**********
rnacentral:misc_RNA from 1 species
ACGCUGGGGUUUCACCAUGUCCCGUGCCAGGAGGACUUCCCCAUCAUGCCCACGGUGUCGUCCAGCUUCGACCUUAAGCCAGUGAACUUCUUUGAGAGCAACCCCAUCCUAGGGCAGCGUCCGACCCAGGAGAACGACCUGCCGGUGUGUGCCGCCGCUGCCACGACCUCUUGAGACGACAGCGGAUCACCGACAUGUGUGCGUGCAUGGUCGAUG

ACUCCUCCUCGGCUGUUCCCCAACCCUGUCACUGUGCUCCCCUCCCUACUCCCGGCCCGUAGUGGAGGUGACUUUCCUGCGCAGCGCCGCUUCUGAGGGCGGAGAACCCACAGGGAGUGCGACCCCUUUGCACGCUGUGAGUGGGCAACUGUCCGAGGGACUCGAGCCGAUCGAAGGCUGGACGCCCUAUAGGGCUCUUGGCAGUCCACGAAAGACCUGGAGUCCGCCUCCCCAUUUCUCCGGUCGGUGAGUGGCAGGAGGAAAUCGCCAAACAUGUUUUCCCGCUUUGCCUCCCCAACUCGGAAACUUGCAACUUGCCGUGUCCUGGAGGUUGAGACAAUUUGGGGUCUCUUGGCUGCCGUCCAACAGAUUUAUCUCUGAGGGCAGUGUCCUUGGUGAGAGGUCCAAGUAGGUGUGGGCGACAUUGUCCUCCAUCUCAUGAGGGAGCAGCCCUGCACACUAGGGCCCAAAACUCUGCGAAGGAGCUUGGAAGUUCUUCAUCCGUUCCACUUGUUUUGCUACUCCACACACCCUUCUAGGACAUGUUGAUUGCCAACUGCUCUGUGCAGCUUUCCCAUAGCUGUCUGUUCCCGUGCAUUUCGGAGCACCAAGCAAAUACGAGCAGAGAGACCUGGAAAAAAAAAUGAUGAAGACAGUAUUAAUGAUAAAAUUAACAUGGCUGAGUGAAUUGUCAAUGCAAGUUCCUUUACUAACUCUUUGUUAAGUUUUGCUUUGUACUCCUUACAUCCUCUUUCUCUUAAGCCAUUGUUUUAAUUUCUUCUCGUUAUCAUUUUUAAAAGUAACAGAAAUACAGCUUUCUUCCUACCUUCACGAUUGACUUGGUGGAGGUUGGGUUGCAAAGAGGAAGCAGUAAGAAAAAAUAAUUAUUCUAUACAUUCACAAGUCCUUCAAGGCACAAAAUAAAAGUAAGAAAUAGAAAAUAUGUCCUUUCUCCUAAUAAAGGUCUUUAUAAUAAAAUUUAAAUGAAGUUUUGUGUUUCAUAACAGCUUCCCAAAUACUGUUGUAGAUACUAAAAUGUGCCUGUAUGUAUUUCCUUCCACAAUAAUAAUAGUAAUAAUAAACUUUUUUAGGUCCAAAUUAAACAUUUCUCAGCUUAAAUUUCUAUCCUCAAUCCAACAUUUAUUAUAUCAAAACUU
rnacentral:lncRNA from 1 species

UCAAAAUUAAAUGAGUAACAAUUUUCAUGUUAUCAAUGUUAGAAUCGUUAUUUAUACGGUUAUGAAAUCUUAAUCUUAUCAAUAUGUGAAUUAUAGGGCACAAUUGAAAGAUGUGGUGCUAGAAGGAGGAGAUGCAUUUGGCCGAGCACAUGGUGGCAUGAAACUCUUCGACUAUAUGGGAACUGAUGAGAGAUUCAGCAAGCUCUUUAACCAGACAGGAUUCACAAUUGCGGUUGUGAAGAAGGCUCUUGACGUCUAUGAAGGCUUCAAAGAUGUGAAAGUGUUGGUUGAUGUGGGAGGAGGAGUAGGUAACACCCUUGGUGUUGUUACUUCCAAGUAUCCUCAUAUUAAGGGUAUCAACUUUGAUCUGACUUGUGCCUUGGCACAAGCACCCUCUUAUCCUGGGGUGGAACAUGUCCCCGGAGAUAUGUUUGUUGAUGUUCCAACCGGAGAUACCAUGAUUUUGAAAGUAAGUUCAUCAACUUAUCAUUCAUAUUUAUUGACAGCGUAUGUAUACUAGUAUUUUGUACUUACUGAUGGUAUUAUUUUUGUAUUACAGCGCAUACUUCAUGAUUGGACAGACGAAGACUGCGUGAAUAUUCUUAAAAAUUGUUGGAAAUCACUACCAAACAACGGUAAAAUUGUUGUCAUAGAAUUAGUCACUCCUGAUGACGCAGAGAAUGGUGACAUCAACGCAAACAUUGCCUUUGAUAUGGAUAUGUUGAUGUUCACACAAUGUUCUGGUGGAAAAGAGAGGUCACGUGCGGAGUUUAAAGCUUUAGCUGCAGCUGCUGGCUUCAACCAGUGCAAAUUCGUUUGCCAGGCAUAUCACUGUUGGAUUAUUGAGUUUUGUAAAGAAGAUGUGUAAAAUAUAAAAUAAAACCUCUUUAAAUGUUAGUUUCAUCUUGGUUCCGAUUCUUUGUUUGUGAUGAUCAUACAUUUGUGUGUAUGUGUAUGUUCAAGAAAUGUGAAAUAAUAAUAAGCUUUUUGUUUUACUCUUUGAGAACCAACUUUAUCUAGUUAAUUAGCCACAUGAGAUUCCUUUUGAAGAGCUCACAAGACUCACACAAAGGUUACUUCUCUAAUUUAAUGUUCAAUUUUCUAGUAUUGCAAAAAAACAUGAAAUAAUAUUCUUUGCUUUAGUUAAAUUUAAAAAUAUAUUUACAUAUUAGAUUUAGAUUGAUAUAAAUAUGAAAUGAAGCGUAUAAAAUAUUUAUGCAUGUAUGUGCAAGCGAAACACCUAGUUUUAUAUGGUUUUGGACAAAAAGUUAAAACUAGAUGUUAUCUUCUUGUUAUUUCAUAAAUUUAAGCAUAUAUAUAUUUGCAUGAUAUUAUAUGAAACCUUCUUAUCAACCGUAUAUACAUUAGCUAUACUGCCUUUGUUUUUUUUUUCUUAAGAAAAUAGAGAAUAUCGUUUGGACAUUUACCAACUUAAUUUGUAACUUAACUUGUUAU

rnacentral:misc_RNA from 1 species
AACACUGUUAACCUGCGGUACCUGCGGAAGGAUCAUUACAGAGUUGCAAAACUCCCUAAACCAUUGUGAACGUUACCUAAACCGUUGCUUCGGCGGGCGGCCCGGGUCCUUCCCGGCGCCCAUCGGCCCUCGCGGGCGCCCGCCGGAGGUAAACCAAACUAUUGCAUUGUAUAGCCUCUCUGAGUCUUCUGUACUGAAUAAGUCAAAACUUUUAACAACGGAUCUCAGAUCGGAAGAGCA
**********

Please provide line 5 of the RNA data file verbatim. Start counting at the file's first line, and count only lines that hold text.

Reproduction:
UCAAAAUUAAAUGAGUAACAAUUUUCAUGUUAUCAAUGUUAGAAUCGUUAUUUAUACGGUUAUGAAAUCUUAAUCUUAUCAAUAUGUGAAUUAUAGGGCACAAUUGAAAGAUGUGGUGCUAGAAGGAGGAGAUGCAUUUGGCCGAGCACAUGGUGGCAUGAAACUCUUCGACUAUAUGGGAACUGAUGAGAGAUUCAGCAAGCUCUUUAACCAGACAGGAUUCACAAUUGCGGUUGUGAAGAAGGCUCUUGACGUCUAUGAAGGCUUCAAAGAUGUGAAAGUGUUGGUUGAUGUGGGAGGAGGAGUAGGUAACACCCUUGGUGUUGUUACUUCCAAGUAUCCUCAUAUUAAGGGUAUCAACUUUGAUCUGACUUGUGCCUUGGCACAAGCACCCUCUUAUCCUGGGGUGGAACAUGUCCCCGGAGAUAUGUUUGUUGAUGUUCCAACCGGAGAUACCAUGAUUUUGAAAGUAAGUUCAUCAACUUAUCAUUCAUAUUUAUUGACAGCGUAUGUAUACUAGUAUUUUGUACUUACUGAUGGUAUUAUUUUUGUAUUACAGCGCAUACUUCAUGAUUGGACAGACGAAGACUGCGUGAAUAUUCUUAAAAAUUGUUGGAAAUCACUACCAAACAACGGUAAAAUUGUUGUCAUAGAAUUAGUCACUCCUGAUGACGCAGAGAAUGGUGACAUCAACGCAAACAUUGCCUUUGAUAUGGAUAUGUUGAUGUUCACACAAUGUUCUGGUGGAAAAGAGAGGUCACGUGCGGAGUUUAAAGCUUUAGCUGCAGCUGCUGGCUUCAACCAGUGCAAAUUCGUUUGCCAGGCAUAUCACUGUUGGAUUAUUGAGUUUUGUAAAGAAGAUGUGUAAAAUAUAAAAUAAAACCUCUUUAAAUGUUAGUUUCAUCUUGGUUCCGAUUCUUUGUUUGUGAUGAUCAUACAUUUGUGUGUAUGUGUAUGUUCAAGAAAUGUGAAAUAAUAAUAAGCUUUUUGUUUUACUCUUUGAGAACCAACUUUAUCUAGUUAAUUAGCCACAUGAGAUUCCUUUUGAAGAGCUCACAAGACUCACACAAAGGUUACUUCUCUAAUUUAAUGUUCAAUUUUCUAGUAUUGCAAAAAAACAUGAAAUAAUAUUCUUUGCUUUAGUUAAAUUUAAAAAUAUAUUUACAUAUUAGAUUUAGAUUGAUAUAAAUAUGAAAUGAAGCGUAUAAAAUAUUUAUGCAUGUAUGUGCAAGCGAAACACCUAGUUUUAUAUGGUUUUGGACAAAAAGUUAAAACUAGAUGUUAUCUUCUUGUUAUUUCAUAAAUUUAAGCAUAUAUAUAUUUGCAUGAUAUUAUAUGAAACCUUCUUAUCAACCGUAUAUACAUUAGCUAUACUGCCUUUGUUUUUUUUUUCUUAAGAAAAUAGAGAAUAUCGUUUGGACAUUUACCAACUUAAUUUGUAACUUAACUUGUUAU